I think Pinellas made is feelings about Schilling known in that 2005 article, but time can change a man. But you have to asj yourself, is the Cubs starter bad enough that Schilling can make a difference in their year?

He might have something left in the tank to give to a young staff, but I do not even see Chicago needing his mouth and actions, but the situation could change by late June in Chi-town.

Rays Renegade

That is the best way to describe the guy. He can either be just that, your team’s poison, or and antidote for a great season.

I just think the Rays are beyond his type of antics. He would have fit in back in 2000 with the “Hit Show” theme, but not now.

Rays Renegade

Curt should retire. He has nothing more to prove. Everywhere he goes has won.


I thought about that angle too.
The guy has so many charity events and social obligations, why take away from that and play again when you have a stellar career without it.

He is another guy who could be a Hall of Famer, but might lack the total numbers of wins, but not the accolades. His awards show he has the right stuff, but was it enough?

Rays Renegade

Vintage Curt Schilling: he’s 45 years old and coming off shoulder surgery, hasn’t pitched in almost a year, and yet thinks he’s the missing piece for some contending team. Unbelievable. I don’t see where he fits with the Rays either, and I wouldn’t bump any of the current starters from the rotation to make room for him. Schilling would be a better fit with the Cubs, where he would provide insurance in case Rich Harden gets hurt (again). It sounds like Lou Piniella is on board with the idea, so maybe he forgot about all those mean things Schilling said about him. Or maybe he doesn’t care, since he never liked working for the Rays all that much anyway.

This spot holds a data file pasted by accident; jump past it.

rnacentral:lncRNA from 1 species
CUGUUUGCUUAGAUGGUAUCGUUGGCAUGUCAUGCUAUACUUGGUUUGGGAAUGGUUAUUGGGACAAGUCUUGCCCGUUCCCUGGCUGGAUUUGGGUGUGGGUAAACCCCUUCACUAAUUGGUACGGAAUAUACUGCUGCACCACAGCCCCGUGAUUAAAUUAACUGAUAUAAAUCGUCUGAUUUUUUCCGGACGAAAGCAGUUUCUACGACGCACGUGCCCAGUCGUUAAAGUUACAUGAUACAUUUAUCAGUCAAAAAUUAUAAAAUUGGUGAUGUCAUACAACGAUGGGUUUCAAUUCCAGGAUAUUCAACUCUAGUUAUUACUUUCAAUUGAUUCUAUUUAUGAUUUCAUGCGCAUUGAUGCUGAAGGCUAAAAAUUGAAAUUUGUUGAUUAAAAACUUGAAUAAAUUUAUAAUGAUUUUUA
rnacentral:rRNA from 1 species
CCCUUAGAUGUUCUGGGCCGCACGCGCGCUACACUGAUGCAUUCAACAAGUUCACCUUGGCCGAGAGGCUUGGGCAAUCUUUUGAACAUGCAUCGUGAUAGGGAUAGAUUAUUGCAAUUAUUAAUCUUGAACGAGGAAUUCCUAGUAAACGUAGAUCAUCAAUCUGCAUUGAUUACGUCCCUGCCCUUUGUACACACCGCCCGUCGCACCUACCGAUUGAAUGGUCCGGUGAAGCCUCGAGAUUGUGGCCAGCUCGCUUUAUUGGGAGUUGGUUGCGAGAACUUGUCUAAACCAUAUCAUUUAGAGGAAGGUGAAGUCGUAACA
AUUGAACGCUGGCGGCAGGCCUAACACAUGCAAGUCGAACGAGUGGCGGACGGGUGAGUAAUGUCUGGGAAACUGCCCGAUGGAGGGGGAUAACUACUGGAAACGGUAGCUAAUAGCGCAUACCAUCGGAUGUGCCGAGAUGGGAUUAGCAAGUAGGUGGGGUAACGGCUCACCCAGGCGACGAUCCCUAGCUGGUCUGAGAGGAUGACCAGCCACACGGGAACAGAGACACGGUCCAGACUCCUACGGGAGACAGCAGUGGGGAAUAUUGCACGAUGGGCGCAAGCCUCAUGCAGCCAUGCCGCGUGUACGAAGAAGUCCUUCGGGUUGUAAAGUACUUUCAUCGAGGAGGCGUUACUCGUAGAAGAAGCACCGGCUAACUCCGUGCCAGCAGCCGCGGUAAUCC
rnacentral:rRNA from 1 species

If you knew the metality of the old Rays ownership, you would know that sometimes logic did not work with them. Lou Pinella wanted to play smart ball, the team wanted to play cheap ball.

I do not see the Rays even letting him breathe in the Trop., much less play there. That being said, I think he is a distraction to even the Chicago Cubs, who might have a chance to repeat if all the cards fall right.

Rays Renegade